Martin, in his article, helpfully lists all the potential candidates for making this official statement about how the review (and presumably all similar reviews in future) is to be conducted.  Was it the Archbishops, the House of Bishops, the Archbishop’s Council, the National Safeguarding Team, the National Safeguarding Director, the incoming National Safeguarding Director, the Lead Safeguarding Bishop, the Secretary General of the Archbishops’ Council and General Secretary of General Synod?  In surveying this impressive list of potential candidates, it is not unreasonable to exclude all the official groupings as there was simply not enough time for them to have gathered to discuss how best to respond to Matt’s press release.  Matt made his journey to Church house on Tuesday, hoping to see Roger Singlelton to discuss the way he had been faced with an effective ultimatum requiring him to agree to the terms of his review.  Matt was given till Wednesday 31 July to acquiesce in the terms of the review which had been laid out by Church House officials and the Safeguarding Team.  He issued his Press release on Tuesday evening and I published it on my blog the following morning.  Hattie Williams on the Church Times was given the Church’s response the same day.  The ability to respond with such alacrity had surely to be the work of a single person working alone or with a very small consultative group.  He/She had to be important enough to have been entrusted with the oversight over the whole process.  The press release was effectively made on behalf of all the stakeholders mentioned above.  The one person that probably did not have any hand in making the statement is the incoming National Safeguarding director, Melissa Carslake.  As a new broom in the process of Safeguarding, many people are welcoming her considerable experience and fresh eye.  They hope this will make a difference to the way safeguarding decisions are made right across the board.  The one thing that will, in all probability, put her on the back foot is this early discovery that there exist in the Church of England people or groups who, with a minimum amount of consultation, can take authority to make or reiterate policy on behalf of the whole.  I understand that she was in Church House on Tuesday when Matt was trying to speak to someone over the conditions being laid down for his review.  What does she think about an individual/small group deciding off their own bat that Matt’s issues could be brushed to one side?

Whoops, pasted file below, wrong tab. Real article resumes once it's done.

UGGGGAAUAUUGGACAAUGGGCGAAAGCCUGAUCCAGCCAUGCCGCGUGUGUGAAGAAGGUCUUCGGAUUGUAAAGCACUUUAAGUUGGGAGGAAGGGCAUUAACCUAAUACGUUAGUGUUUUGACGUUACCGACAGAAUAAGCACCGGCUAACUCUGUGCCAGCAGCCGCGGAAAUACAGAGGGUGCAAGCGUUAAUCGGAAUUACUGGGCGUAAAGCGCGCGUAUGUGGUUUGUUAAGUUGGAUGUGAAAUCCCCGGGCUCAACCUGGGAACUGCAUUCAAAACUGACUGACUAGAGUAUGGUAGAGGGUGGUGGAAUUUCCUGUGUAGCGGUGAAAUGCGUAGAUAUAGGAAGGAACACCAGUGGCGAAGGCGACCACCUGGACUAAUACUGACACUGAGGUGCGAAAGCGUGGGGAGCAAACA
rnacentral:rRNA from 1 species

Matt’s complaints about the process of review of past cases cannot be brushed to one side.  Neither can the power to decide on possible changes to the way reviews are conducted be devolved to mysterious unnamed individuals or groups operating in Church House.  It is commonly asserted that the Church of England is supposed to be ’episcopally led and synodically governed’. …. however is this true? Given that the  collegiate bodies cannot react swiftly this leads us to the key question. Where does the effective  day to day power lie, and are we sure this is a safe repository,  given recent events?    We are forced to conclude that the powers that rapidly make important decisions in Church House are neither the bishops nor elected members of Synod.  The decision to ignore Matt’s protest required a statement of church policy which is far more than a point of minor administration.  We need, in other words, to ask this question of the Church of England.  Are you sure that your Church is being governed and managed in the best possible way when decisions about such things as review processes are being made in dark corners beyond proper scrutiny?  Are you happy that the reputations of the nominal heads of the Church, the Archbishops and Bishops, are being sometimes damaged by the decisions of unelected advisors and officials secreted in Church House?  The two decisions we know about this week, the refusal to speak to Matt on Tuesday and the issuing of a press release attempting to override his earlier press release, were both wrong.  The consequences of both decisions could yet be fateful for the reputation for the Church.   If these errors are eventually acknowledged, as they may well be soon, who will be held responsible?   Will the Archbishop of Canterbury show true leadership in offering an apology to Matt both for past failures and the shambles of this week?  What is stopping him now?  Is it the same apparent influence that prevented him turning around in his seat at IICSA and speaking personally to Matt?  The question out of all these events is the one we began with.  Who has the real power in the Church of England?